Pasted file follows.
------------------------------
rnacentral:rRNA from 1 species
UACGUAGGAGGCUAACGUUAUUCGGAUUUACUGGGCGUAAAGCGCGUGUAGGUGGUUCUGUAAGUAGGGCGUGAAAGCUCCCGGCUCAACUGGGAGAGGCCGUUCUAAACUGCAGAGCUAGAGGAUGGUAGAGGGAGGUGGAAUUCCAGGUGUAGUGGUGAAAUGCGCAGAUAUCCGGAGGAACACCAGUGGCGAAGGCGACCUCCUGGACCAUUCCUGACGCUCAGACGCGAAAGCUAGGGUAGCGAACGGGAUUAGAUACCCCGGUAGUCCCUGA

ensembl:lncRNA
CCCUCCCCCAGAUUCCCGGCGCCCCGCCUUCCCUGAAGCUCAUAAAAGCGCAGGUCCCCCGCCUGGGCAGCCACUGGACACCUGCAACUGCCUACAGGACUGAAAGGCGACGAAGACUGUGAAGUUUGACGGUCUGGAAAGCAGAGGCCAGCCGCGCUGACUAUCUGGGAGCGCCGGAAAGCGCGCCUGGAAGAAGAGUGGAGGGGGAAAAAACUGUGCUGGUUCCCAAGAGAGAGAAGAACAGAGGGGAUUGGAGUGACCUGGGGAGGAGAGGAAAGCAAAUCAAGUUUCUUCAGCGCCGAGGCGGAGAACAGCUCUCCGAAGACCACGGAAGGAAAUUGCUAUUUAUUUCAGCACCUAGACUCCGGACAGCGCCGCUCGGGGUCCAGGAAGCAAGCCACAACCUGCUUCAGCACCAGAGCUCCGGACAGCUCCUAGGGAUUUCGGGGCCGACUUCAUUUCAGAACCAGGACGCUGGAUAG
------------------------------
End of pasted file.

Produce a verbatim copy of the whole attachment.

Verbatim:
rnacentral:rRNA from 1 species
UACGUAGGAGGCUAACGUUAUUCGGAUUUACUGGGCGUAAAGCGCGUGUAGGUGGUUCUGUAAGUAGGGCGUGAAAGCUCCCGGCUCAACUGGGAGAGGCCGUUCUAAACUGCAGAGCUAGAGGAUGGUAGAGGGAGGUGGAAUUCCAGGUGUAGUGGUGAAAUGCGCAGAUAUCCGGAGGAACACCAGUGGCGAAGGCGACCUCCUGGACCAUUCCUGACGCUCAGACGCGAAAGCUAGGGUAGCGAACGGGAUUAGAUACCCCGGUAGUCCCUGA

ensembl:lncRNA
CCCUCCCCCAGAUUCCCGGCGCCCCGCCUUCCCUGAAGCUCAUAAAAGCGCAGGUCCCCCGCCUGGGCAGCCACUGGACACCUGCAACUGCCUACAGGACUGAAAGGCGACGAAGACUGUGAAGUUUGACGGUCUGGAAAGCAGAGGCCAGCCGCGCUGACUAUCUGGGAGCGCCGGAAAGCGCGCCUGGAAGAAGAGUGGAGGGGGAAAAAACUGUGCUGGUUCCCAAGAGAGAGAAGAACAGAGGGGAUUGGAGUGACCUGGGGAGGAGAGGAAAGCAAAUCAAGUUUCUUCAGCGCCGAGGCGGAGAACAGCUCUCCGAAGACCACGGAAGGAAAUUGCUAUUUAUUUCAGCACCUAGACUCCGGACAGCGCCGCUCGGGGUCCAGGAAGCAAGCCACAACCUGCUUCAGCACCAGAGCUCCGGACAGCUCCUAGGGAUUUCGGGGCCGACUUCAUUUCAGAACCAGGACGCUGGAUAG